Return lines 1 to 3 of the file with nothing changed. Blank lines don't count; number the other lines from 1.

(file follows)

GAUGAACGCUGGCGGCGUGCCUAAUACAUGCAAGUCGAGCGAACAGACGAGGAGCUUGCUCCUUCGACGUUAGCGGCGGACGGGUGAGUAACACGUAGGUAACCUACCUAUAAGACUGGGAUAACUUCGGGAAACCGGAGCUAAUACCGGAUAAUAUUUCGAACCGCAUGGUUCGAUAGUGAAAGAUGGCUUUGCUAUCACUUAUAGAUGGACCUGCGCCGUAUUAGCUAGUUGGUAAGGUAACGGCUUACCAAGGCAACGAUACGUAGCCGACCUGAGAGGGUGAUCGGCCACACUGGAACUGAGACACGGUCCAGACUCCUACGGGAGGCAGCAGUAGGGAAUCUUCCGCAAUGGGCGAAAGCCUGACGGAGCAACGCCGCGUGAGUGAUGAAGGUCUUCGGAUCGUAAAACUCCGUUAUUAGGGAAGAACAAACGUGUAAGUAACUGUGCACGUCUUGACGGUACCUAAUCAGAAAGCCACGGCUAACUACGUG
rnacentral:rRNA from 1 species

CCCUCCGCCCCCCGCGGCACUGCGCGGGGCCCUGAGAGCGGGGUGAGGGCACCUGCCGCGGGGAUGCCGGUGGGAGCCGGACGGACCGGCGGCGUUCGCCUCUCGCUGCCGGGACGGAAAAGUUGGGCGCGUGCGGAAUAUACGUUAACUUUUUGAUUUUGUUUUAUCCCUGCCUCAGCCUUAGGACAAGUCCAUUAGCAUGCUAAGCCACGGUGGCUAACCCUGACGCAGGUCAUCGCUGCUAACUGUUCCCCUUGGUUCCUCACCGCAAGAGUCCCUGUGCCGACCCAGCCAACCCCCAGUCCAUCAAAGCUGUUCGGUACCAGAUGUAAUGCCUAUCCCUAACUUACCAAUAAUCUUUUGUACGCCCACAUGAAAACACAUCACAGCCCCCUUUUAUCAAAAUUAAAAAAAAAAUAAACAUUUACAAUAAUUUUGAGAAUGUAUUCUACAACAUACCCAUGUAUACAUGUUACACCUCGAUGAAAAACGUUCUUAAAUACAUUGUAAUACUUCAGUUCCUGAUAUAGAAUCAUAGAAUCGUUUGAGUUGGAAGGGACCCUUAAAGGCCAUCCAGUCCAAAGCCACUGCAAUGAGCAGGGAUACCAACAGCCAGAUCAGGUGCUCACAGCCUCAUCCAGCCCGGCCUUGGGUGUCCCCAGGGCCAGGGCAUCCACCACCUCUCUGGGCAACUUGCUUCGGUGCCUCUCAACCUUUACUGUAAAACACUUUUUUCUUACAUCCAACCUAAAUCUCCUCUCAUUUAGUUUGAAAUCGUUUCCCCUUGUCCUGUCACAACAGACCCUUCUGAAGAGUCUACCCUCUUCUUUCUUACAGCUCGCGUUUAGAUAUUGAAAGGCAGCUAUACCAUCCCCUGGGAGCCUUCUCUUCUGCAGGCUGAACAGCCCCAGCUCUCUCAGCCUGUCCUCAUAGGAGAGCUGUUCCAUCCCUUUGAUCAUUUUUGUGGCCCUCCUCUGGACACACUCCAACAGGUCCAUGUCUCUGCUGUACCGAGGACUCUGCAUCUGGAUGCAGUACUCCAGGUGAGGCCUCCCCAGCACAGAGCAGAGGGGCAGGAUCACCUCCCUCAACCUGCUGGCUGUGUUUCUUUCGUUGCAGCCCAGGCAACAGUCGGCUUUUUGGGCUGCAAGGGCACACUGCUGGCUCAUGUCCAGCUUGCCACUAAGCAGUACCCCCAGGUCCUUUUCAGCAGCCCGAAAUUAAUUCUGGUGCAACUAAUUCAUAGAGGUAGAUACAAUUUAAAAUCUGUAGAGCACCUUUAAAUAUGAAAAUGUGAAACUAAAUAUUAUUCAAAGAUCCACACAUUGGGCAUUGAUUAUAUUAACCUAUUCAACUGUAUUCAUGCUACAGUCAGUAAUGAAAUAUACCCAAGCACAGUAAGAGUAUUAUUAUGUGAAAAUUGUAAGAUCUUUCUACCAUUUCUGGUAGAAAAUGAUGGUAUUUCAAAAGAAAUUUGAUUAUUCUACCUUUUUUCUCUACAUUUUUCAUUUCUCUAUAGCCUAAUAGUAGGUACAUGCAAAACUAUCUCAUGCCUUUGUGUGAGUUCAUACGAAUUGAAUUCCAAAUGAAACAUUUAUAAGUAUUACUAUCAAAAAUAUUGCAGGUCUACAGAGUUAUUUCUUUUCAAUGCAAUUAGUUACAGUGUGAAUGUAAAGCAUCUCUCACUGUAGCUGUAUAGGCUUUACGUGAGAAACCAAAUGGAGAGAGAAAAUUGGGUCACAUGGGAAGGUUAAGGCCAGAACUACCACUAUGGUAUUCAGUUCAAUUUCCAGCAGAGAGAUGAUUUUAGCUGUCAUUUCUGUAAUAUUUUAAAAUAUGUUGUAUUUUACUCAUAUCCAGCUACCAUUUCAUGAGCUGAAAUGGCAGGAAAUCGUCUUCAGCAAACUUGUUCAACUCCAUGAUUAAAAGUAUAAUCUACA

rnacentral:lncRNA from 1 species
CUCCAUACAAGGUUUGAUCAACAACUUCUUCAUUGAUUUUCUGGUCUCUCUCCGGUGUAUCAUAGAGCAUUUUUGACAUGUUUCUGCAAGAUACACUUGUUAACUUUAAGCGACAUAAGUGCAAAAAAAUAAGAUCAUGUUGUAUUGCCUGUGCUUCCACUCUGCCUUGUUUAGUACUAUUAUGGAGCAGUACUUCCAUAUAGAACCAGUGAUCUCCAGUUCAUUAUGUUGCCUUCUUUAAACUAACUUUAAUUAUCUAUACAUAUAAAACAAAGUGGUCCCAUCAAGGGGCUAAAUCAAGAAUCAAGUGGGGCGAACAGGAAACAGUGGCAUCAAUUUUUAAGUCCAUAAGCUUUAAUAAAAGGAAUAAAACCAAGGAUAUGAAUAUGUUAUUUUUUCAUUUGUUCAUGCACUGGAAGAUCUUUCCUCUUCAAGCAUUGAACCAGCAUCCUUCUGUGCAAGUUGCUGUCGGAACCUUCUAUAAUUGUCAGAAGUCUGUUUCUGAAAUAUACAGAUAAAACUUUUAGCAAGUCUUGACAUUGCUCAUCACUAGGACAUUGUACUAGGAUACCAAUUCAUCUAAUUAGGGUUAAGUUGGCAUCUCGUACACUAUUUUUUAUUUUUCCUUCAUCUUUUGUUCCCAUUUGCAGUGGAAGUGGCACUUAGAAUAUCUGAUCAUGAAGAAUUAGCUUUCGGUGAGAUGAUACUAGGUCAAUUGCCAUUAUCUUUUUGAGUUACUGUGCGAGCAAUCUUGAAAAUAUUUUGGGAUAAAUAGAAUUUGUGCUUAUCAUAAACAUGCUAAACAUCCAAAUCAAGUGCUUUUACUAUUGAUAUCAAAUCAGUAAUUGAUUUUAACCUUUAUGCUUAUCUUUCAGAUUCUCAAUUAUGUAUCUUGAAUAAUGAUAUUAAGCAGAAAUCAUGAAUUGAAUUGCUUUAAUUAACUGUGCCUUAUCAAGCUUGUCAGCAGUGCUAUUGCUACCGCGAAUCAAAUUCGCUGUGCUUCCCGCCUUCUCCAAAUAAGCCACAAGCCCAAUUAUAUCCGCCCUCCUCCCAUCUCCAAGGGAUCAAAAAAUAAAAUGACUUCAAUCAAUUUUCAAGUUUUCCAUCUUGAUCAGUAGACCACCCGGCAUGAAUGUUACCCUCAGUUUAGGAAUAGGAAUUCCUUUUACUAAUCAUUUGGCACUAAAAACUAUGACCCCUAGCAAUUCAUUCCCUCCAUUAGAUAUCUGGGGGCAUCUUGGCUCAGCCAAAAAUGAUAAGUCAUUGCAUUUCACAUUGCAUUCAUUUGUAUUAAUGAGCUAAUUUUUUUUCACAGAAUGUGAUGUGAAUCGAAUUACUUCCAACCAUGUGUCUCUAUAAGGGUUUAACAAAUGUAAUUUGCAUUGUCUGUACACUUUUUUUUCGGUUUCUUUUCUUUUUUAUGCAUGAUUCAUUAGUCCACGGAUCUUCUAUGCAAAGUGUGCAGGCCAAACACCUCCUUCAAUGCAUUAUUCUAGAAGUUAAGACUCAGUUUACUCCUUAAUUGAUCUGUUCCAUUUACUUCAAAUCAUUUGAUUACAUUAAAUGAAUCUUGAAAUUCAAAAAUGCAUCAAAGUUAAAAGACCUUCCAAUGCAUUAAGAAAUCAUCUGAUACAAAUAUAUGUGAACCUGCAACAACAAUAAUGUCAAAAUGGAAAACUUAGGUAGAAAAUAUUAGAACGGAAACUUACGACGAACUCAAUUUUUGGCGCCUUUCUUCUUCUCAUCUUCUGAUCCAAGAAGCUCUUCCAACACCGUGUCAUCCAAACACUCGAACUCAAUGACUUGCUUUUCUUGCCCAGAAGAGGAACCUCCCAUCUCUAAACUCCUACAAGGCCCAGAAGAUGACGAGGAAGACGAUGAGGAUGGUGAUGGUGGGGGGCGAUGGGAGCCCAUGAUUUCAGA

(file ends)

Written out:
GAUGAACGCUGGCGGCGUGCCUAAUACAUGCAAGUCGAGCGAACAGACGAGGAGCUUGCUCCUUCGACGUUAGCGGCGGACGGGUGAGUAACACGUAGGUAACCUACCUAUAAGACUGGGAUAACUUCGGGAAACCGGAGCUAAUACCGGAUAAUAUUUCGAACCGCAUGGUUCGAUAGUGAAAGAUGGCUUUGCUAUCACUUAUAGAUGGACCUGCGCCGUAUUAGCUAGUUGGUAAGGUAACGGCUUACCAAGGCAACGAUACGUAGCCGACCUGAGAGGGUGAUCGGCCACACUGGAACUGAGACACGGUCCAGACUCCUACGGGAGGCAGCAGUAGGGAAUCUUCCGCAAUGGGCGAAAGCCUGACGGAGCAACGCCGCGUGAGUGAUGAAGGUCUUCGGAUCGUAAAACUCCGUUAUUAGGGAAGAACAAACGUGUAAGUAACUGUGCACGUCUUGACGGUACCUAAUCAGAAAGCCACGGCUAACUACGUG
rnacentral:rRNA from 1 species

CCCUCCGCCCCCCGCGGCACUGCGCGGGGCCCUGAGAGCGGGGUGAGGGCACCUGCCGCGGGGAUGCCGGUGGGAGCCGGACGGACCGGCGGCGUUCGCCUCUCGCUGCCGGGACGGAAAAGUUGGGCGCGUGCGGAAUAUACGUUAACUUUUUGAUUUUGUUUUAUCCCUGCCUCAGCCUUAGGACAAGUCCAUUAGCAUGCUAAGCCACGGUGGCUAACCCUGACGCAGGUCAUCGCUGCUAACUGUUCCCCUUGGUUCCUCACCGCAAGAGUCCCUGUGCCGACCCAGCCAACCCCCAGUCCAUCAAAGCUGUUCGGUACCAGAUGUAAUGCCUAUCCCUAACUUACCAAUAAUCUUUUGUACGCCCACAUGAAAACACAUCACAGCCCCCUUUUAUCAAAAUUAAAAAAAAAAUAAACAUUUACAAUAAUUUUGAGAAUGUAUUCUACAACAUACCCAUGUAUACAUGUUACACCUCGAUGAAAAACGUUCUUAAAUACAUUGUAAUACUUCAGUUCCUGAUAUAGAAUCAUAGAAUCGUUUGAGUUGGAAGGGACCCUUAAAGGCCAUCCAGUCCAAAGCCACUGCAAUGAGCAGGGAUACCAACAGCCAGAUCAGGUGCUCACAGCCUCAUCCAGCCCGGCCUUGGGUGUCCCCAGGGCCAGGGCAUCCACCACCUCUCUGGGCAACUUGCUUCGGUGCCUCUCAACCUUUACUGUAAAACACUUUUUUCUUACAUCCAACCUAAAUCUCCUCUCAUUUAGUUUGAAAUCGUUUCCCCUUGUCCUGUCACAACAGACCCUUCUGAAGAGUCUACCCUCUUCUUUCUUACAGCUCGCGUUUAGAUAUUGAAAGGCAGCUAUACCAUCCCCUGGGAGCCUUCUCUUCUGCAGGCUGAACAGCCCCAGCUCUCUCAGCCUGUCCUCAUAGGAGAGCUGUUCCAUCCCUUUGAUCAUUUUUGUGGCCCUCCUCUGGACACACUCCAACAGGUCCAUGUCUCUGCUGUACCGAGGACUCUGCAUCUGGAUGCAGUACUCCAGGUGAGGCCUCCCCAGCACAGAGCAGAGGGGCAGGAUCACCUCCCUCAACCUGCUGGCUGUGUUUCUUUCGUUGCAGCCCAGGCAACAGUCGGCUUUUUGGGCUGCAAGGGCACACUGCUGGCUCAUGUCCAGCUUGCCACUAAGCAGUACCCCCAGGUCCUUUUCAGCAGCCCGAAAUUAAUUCUGGUGCAACUAAUUCAUAGAGGUAGAUACAAUUUAAAAUCUGUAGAGCACCUUUAAAUAUGAAAAUGUGAAACUAAAUAUUAUUCAAAGAUCCACACAUUGGGCAUUGAUUAUAUUAACCUAUUCAACUGUAUUCAUGCUACAGUCAGUAAUGAAAUAUACCCAAGCACAGUAAGAGUAUUAUUAUGUGAAAAUUGUAAGAUCUUUCUACCAUUUCUGGUAGAAAAUGAUGGUAUUUCAAAAGAAAUUUGAUUAUUCUACCUUUUUUCUCUACAUUUUUCAUUUCUCUAUAGCCUAAUAGUAGGUACAUGCAAAACUAUCUCAUGCCUUUGUGUGAGUUCAUACGAAUUGAAUUCCAAAUGAAACAUUUAUAAGUAUUACUAUCAAAAAUAUUGCAGGUCUACAGAGUUAUUUCUUUUCAAUGCAAUUAGUUACAGUGUGAAUGUAAAGCAUCUCUCACUGUAGCUGUAUAGGCUUUACGUGAGAAACCAAAUGGAGAGAGAAAAUUGGGUCACAUGGGAAGGUUAAGGCCAGAACUACCACUAUGGUAUUCAGUUCAAUUUCCAGCAGAGAGAUGAUUUUAGCUGUCAUUUCUGUAAUAUUUUAAAAUAUGUUGUAUUUUACUCAUAUCCAGCUACCAUUUCAUGAGCUGAAAUGGCAGGAAAUCGUCUUCAGCAAACUUGUUCAACUCCAUGAUUAAAAGUAUAAUCUACA